The Greater Philadelphia Cappie Award Gala takes place every year and celebrates outstanding performances by high school theater programs and performances across the New Jersey, Delaware and Philadelphia regions, and this year, Bordentown Regional High School theater veteran Hannah Vliet, culminated her high school theater career by winning the 2018 Cappie Award for Outstanding Supporting Actress in a Musical for her role as Sheila in the BRHS production of A Chorus Line.
“I was so surprised I won,” said Vliet, who was also nominated alongside classmates Varun Andrews, Evan Braasch, Shannon Hansell, Abigayle Harnum and Alicia Method for Outstanding Critic Team. Throughout the year, the critic team travels to other schools that participate in the Cappies, and rate their performances.
The winners are selected by other Cappie participants throughout the region based on a points system. The awards and nominations are structured like the Tony’s. Other BRHS nominations this year from the production of A Chorus Line include senior Peter Heberling for Outstanding Lighting and Sound, along with sophomore Kyle Meier for Outstanding Sound. Senior Evan Braasch was nominated for Outstanding Featured Actor in a Musical and junior Annissa Richard was nominated for Outstanding Female Vocalist.
Braasch and Andrews also performed at the gala this year.
The Cappie season begins in September and ends in May. BRHS’s spring musicals typically participate in the season, while the fall play does not. Throughout the year, Vliet and her teammates traveled to about one show a month to rate other performances, and students from other schools visited Bordentown to watch A Chorus Line.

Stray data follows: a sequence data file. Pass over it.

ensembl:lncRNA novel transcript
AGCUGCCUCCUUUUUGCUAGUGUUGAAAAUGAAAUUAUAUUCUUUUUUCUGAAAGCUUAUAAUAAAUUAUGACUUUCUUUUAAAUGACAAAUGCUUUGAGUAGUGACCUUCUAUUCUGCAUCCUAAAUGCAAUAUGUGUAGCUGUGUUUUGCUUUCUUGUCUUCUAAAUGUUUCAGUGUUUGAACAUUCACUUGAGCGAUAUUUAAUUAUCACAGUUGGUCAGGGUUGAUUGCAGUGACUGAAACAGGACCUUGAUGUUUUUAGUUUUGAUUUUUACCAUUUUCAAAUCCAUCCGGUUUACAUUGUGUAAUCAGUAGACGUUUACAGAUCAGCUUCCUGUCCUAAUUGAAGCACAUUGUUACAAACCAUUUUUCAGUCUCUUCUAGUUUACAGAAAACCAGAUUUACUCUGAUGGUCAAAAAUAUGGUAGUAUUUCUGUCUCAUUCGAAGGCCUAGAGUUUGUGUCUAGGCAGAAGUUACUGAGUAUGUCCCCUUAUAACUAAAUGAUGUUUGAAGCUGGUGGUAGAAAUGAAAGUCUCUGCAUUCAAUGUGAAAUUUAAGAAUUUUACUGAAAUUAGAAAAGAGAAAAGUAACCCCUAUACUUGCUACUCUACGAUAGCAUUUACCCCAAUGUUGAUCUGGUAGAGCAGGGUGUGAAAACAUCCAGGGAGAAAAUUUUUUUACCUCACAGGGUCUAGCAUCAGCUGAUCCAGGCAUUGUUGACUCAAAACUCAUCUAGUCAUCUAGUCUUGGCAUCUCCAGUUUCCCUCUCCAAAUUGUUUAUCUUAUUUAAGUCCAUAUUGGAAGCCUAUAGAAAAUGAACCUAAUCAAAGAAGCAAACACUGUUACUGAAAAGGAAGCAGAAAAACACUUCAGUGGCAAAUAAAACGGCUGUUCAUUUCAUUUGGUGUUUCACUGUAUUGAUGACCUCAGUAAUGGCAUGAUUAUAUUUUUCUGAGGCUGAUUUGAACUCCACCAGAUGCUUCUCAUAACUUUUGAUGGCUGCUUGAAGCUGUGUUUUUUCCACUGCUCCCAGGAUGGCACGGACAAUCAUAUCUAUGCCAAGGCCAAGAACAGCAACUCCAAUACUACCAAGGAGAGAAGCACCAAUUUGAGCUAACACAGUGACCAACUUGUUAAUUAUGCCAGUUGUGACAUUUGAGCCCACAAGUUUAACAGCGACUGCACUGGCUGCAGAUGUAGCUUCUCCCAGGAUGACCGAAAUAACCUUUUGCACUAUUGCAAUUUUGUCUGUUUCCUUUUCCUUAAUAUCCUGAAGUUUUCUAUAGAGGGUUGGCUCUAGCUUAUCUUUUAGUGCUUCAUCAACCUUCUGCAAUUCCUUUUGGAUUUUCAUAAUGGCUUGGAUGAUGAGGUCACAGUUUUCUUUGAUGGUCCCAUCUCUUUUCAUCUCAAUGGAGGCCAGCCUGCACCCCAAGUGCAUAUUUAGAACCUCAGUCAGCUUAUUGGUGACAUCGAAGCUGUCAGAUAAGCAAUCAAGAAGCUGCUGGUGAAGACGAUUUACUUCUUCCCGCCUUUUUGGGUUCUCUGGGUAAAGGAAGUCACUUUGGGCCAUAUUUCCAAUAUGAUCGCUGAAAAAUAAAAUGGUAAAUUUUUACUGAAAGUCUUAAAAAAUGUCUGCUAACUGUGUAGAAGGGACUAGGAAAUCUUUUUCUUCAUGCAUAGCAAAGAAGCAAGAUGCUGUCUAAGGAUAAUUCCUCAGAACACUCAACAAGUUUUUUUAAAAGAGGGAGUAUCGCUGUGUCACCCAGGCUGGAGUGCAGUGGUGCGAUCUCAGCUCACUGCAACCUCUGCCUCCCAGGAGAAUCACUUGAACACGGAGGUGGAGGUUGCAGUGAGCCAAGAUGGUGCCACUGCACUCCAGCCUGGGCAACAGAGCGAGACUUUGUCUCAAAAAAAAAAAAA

“When you see students perform in something and admire them, it feels very gratifying for them to recognize you,” said Vliet.
She explained how high the stakes were for A Chorus Line. “It’s such a dance-heavy show,” she said. “The dancing is so iconic, so the audience knows how it looks. If you mess up, they’ll know.”
All the same, Vliet said that Sheila was probably her favorite role she’s played. “I’ve always been more of an actor first, then a singer,” she said. Because of this, “Usually in musicals, I have small parts where I only speak a few lines. This was the first time I had a real principal role in a musical. I thought, ‘This is my time.’”
Of Sheila herself, Vliet said, “She’s a very powerful woman who is straightforward. I loved the character and the experience. It’s such an iconic piece of theater and I feel lucky I could be a part of that.”
A Chorus Line was directed by Stacie Morano, Bordentown’s technical director and theater manager.
“[Morano] does everything—creative director, helps the students, builds all the sets, technical director,” said Vliet. “The arts program at our high school would not function without her.”
Vliet accredits part of her award-winning performance to Morano. “I’ve learned so much from her—how to be an artist, a leader, how to work with adults and kids, and be a proponent of the arts.”
Vliet has been performing for around seven years and her first show was Mulan Jr. She’s been participating in about three shows every year since. According to her, this is at least her 30th production.
In the summer, Vliet participates in local Community District Alliance productions, also under the guidance of Morano.
“Stacie is like my second mom,” Vliet said. “It’s weird to think that I’ll be in a show and she won’t be the director. Watching her be so career-driven and be a nice, caring person is really inspiring.”
Vliet plans on attending Rutgers University this fall and pursuing a double major in theater and either journalism or English.
Though she plans on incorporating theater in her future, what Vliet said she’ll miss the most about her high school career are the people.